Wednesday, 26 February 2014

Competitive? Moi?

'Miss says we have to tell all you parents to keep your hands behind your backs!'

Like that's going to happen.

It's competition time again; the St David's Day Eisteddfod - a Festival of music, poetry, baking and model making, held in schools across Wales. Absolutely guaranteed to bring out a steely competitive edge in many a parent.

Even ones you least suspect.

Is that me? Probably. I'm really not inclined to be competitive about most stuff, but give me a craft challenge and I'm suddenly possessed by a Blue Peter-like zeal to produce something simply glorious. Just can't stop myself.

We all tend to do more than we should, don't we? Frankly I think anyone who insists they haven't helped their child with his or her cardboard creation is a big fibber. And I'm putting my hand up here, because I've taken 'helping' to the nth degree.

Now, you know how much I like making things out of rubbish - and at home I'll quite happily let the kids get on with creating whatever they fancy: no interfering…but when it's school bound, that's a game changer. As much as I'd like to be relaxed about it, I just can't let them take in any old tat.

So this happens.

I know.


It was my son's idea to make a model of the Statue of Liberty…and that's about all he did, bless him. Basically I got completely carried away. Out came the empty yogurt and marg pots and the tin foil, and then I thought, what about some papier mache? Honestly I had the best time.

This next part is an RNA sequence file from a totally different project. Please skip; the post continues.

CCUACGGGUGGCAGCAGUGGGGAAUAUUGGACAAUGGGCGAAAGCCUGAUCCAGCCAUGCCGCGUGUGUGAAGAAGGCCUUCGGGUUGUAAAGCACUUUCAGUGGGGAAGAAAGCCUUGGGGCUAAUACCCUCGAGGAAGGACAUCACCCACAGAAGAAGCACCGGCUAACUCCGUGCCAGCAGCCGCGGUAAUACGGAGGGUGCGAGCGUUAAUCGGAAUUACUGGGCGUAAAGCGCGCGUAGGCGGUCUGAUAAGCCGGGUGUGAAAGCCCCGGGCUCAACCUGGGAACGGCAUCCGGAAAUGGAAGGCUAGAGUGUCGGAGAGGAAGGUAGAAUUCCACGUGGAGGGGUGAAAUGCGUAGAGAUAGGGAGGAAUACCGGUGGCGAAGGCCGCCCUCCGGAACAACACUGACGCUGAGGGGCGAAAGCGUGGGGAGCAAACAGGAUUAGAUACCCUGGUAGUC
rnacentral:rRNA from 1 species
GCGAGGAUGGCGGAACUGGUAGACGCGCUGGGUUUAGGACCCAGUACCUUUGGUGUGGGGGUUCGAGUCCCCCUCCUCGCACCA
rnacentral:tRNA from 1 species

Our model didn't even get placed.

It so obviously wasn't made by a 7 year old. I was far too embarrassed to say a thing.

Did I learn my lesson? Don't be mad. What I learnt was to tone it down a bit.

Fast forward to this year's competition, and my 9 year old had to make a Dragon. Attached to the letter about the Festival categories was a slip all parents had to sign, declaring no help had been given beyond a little guidance.

Oh dear.

New school, new rules. Suddenly it all seemed terribly official, which presented a bit of a dilemma, seeing as on the whole I'm quite law-abiding. It's different somehow when you actually have to sign something.


So, to get round feeling like a complete fraud and a cheat, who's bound to get caught and hauled before the Headmistress, I made another dragon alongside my son for him to copy - not saying there wasn't the odd helpful snip here and there, but, on the whole it was his own work.


I really needn't have worried, because on the way into school today I saw one mum carrying a beautiful clay dragon. I'm quite sure it had been glazed and fired. And my son told me his best friend's dragon had legs that moved and a CAVE.

Think I'm going to have to up my game again…

(By the way, if anyone's interested in instructions for an egg box dragon, just let me know!)



15 comments:

  1. Do you know that I've never helped my daughter with her (ghastly) cardboard creations? It's true! She wouldn't let me. Dammit! Anyway, I like the egg box dragon. Well done you, I mean your son! xx